The past couple of weeks have been harrowing for gamers, GTAV Online really struggled with its anticipated launch and the long awaited title Beyond: Two Souls failed to impress, so who better to fix all this mess than Nintendo who've re-released The Legend of Zelda: Wind Waker in HD, reminding us that it's still a classic, even though it's hitting ten years old.
Now many of you will be rolling your eyes at yet another HD update of a “classic” game, but when it comes to Nintendo, you can rest assured that this is no half arsed attempt, but a revisit to an amazing game that somehow they have made even better.
A vivid memory of The Wind Waker was the somewhat ridiculous overreaction to the whole cel-shaded presentation when the first videos and screen shots appeared, the loudest voices damming Nintendo and vowing never to play this game, well that was their loss as, at least on a personal level, this is one of my favourite Zelda titles (top place goes A Link to the Past). Well its back and now it looks even better than you could have imagined, a beautifully created “carton” world full of wonder and excitement that will entertain well beyond its closing titles.
Set across the Great Sea, our hero Link returns again as a young boy who has just come of age, wearing the green clothes of a once great hero of a time long ago. No sooner does Link don the green that disaster strikes, first off a giant bird is seen carrying a pirate and dropping her in the local woods, but once Link saves her, his sister is then captured by the same giant bird and carried away to a far off fortress. Seeking to save her, Link joins the pirates only to find his sister and a group of other young girls have been imprisoned by Ganondorf, an evil sorcerer that has somehow recently escaped the confines of his eternal prison, returning to once again search of the Triforce. In their first encounter Link is easily defeated by Ganondorf, being is flung far away into the Great Sea and left for dead until a strange talking boat saves him. Teaming up with the King of Red Lions, Link then embarks on a huge quest, visiting strange islands and making many friends along the way to save not only his sister, but the world as well, using the not only the Master Sword but also the “McGuffin” for this game, the Wind Waker, a baton that is able to command the direction of wind.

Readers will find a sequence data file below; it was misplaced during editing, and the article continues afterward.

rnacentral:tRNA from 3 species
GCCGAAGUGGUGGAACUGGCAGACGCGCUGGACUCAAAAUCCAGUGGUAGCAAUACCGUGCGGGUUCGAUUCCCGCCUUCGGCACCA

First things first, you cannot help but notice the improved visuals, the cel-shaded colours look fantastic on the TV screen, smoothing out any rough edges and adding a deeper view, letting you see far into the distance when skipping over the waves in your upgraded King of Red Lions thanks to his nifty new swift sail that you can pick up later in the game, allowing for even faster travelling across the open seas.
It is not just the graphics that have been updated but with the aid of the WiiU gamepad, the controls have been changed for the better as well. With all of the action on the TV screen, it is now left unhindered and free of all of the previous HUD and menu elements, now supported with quick taps and swipes allowing you to switch items and weapons with ease and also navigate the maps a lot easier. The built in gyro is also utilised, making first person aiming even easier, with fine tuning enabled with small adjustments of the controllers position. As expected the WiiU gamepad also allows for off-TV play and even on the small screen then game looks amazing, though you now have the added requirement of pausing the game to change items or view the map, no real biggie considering this is what the original GameCube version required.
Those looking for the definitive and complete edition of the Wind Waker may feel a little disappointed with the exclusion of the Tingle Tuner, an add-on that was unlocked early in the original game where you connected your Gameboy Advance to locate hidden items dotted around the islands. Looking back the Tingle Tuner was maybe a little out-dated if put in a modern game so the replacement is a very much welcome addition so now when you rescue Tingle you are awarded with some new social media elements to the game, something that really changes how you use the Picto Box. Letting you take photos and even selfies of Link, you can then pop them in a bottle and throw them into the sea, which then transports them into the Miiverse, where yours and others will wash up on island shores of any other online player, sharing your photos and other tips you may wish to offer.
Whilst on the subject of previous owners and players of the original Wind Waker, if you are having doubts about replaying the game just because of a new look and a few updates I do share your concerns; however these are pushed aside with the inclusion of the Hero Mode which is available from the very start. Here the quest will play out the same, however the challenge has been upped considerably, with enemies now dishing out double the damage plus you will no longer have hearts appearing from broken bottles or plants, with you now relying on creating and using red potions.
Whichever way you look at this game, as a newcomer or a hardened veteran this is still an amazing title that, even though is over ten years old, shows just how good Nintendo are at creating timeless games.
Words by Ash Buchanan.
(Version Tested: Wii U)
+The “portable” nature of the WiiU gamepad
+ Touch controls for inventory and map use
+ Stunning cartoon visuals
+ Masterfully created dungeons
+ Unrivalled gameplay